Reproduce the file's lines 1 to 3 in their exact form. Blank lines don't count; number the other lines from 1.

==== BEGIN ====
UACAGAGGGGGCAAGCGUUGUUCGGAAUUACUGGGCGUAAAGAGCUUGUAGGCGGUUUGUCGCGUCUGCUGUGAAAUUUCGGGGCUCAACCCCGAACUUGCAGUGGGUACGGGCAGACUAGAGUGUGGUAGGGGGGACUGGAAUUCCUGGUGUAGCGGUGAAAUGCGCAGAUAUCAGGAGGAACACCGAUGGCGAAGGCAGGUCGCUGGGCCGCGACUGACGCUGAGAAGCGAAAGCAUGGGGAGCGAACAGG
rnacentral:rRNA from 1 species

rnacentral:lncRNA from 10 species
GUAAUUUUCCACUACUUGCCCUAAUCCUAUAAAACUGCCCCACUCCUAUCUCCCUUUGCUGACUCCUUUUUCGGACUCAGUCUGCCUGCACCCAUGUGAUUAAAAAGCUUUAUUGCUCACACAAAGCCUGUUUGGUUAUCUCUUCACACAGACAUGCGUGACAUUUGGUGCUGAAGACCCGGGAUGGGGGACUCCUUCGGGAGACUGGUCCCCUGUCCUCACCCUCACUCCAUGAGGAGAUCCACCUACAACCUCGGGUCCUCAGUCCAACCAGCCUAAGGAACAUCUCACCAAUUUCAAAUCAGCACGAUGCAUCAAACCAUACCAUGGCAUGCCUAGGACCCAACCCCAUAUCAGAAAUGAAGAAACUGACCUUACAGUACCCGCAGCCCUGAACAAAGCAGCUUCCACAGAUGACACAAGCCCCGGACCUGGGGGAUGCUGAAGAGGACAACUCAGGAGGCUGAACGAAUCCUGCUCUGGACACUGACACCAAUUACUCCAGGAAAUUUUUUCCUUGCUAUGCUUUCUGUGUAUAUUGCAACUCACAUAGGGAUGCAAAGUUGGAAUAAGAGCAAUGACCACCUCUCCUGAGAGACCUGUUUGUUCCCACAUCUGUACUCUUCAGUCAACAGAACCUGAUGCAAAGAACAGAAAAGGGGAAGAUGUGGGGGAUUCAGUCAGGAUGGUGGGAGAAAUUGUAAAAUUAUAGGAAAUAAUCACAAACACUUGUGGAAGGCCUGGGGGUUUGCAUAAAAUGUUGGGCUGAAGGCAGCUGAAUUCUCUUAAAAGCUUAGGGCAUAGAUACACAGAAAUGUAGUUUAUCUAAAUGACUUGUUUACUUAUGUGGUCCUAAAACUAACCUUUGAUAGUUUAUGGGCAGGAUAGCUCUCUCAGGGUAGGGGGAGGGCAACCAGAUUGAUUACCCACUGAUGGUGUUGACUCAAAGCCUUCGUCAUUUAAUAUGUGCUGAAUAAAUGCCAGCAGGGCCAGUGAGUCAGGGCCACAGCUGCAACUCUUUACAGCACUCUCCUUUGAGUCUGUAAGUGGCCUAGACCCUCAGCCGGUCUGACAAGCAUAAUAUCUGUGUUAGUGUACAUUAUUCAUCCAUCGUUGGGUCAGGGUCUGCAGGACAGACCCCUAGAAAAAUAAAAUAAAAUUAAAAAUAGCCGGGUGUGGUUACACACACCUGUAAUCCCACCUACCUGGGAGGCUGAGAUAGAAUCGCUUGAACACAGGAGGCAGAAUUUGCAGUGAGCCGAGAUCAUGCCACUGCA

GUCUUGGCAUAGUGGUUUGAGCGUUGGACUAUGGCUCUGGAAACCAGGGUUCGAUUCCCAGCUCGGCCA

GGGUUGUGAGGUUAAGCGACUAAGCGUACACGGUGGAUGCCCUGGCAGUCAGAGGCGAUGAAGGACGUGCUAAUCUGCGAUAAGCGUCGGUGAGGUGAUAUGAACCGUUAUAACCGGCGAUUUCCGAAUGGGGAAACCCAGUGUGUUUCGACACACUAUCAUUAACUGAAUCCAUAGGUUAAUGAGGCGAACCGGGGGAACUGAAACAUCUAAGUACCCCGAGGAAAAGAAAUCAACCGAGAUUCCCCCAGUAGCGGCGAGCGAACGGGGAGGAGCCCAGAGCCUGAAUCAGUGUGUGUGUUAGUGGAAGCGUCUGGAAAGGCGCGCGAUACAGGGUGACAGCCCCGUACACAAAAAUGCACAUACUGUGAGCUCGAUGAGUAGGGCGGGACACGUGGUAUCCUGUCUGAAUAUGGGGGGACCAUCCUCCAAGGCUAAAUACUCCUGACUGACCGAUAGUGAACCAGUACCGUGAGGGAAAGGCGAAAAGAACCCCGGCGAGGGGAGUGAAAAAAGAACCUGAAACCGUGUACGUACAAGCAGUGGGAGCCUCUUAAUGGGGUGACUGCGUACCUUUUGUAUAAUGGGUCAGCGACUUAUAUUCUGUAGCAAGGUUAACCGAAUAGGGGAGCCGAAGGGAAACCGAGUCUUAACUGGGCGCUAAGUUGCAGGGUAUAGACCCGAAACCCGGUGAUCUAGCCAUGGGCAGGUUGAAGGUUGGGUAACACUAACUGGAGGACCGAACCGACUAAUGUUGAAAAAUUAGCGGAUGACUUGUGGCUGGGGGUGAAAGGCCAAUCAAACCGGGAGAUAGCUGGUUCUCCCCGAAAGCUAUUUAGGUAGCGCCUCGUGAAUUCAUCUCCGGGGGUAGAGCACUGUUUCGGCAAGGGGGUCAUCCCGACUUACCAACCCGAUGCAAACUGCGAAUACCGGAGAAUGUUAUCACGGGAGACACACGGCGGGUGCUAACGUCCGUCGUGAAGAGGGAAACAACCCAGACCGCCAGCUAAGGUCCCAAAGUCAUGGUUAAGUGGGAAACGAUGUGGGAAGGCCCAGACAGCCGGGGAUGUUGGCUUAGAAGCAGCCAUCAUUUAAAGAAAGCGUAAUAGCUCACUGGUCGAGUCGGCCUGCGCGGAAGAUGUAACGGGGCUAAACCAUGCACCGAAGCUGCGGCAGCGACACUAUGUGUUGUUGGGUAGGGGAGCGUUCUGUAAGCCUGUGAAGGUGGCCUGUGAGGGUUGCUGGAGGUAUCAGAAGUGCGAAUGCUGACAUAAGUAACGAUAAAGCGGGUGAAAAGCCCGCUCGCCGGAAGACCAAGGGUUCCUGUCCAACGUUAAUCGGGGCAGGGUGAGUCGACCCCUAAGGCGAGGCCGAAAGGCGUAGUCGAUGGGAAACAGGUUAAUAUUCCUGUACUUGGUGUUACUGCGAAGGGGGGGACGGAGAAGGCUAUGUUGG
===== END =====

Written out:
UACAGAGGGGGCAAGCGUUGUUCGGAAUUACUGGGCGUAAAGAGCUUGUAGGCGGUUUGUCGCGUCUGCUGUGAAAUUUCGGGGCUCAACCCCGAACUUGCAGUGGGUACGGGCAGACUAGAGUGUGGUAGGGGGGACUGGAAUUCCUGGUGUAGCGGUGAAAUGCGCAGAUAUCAGGAGGAACACCGAUGGCGAAGGCAGGUCGCUGGGCCGCGACUGACGCUGAGAAGCGAAAGCAUGGGGAGCGAACAGG
rnacentral:rRNA from 1 species

rnacentral:lncRNA from 10 species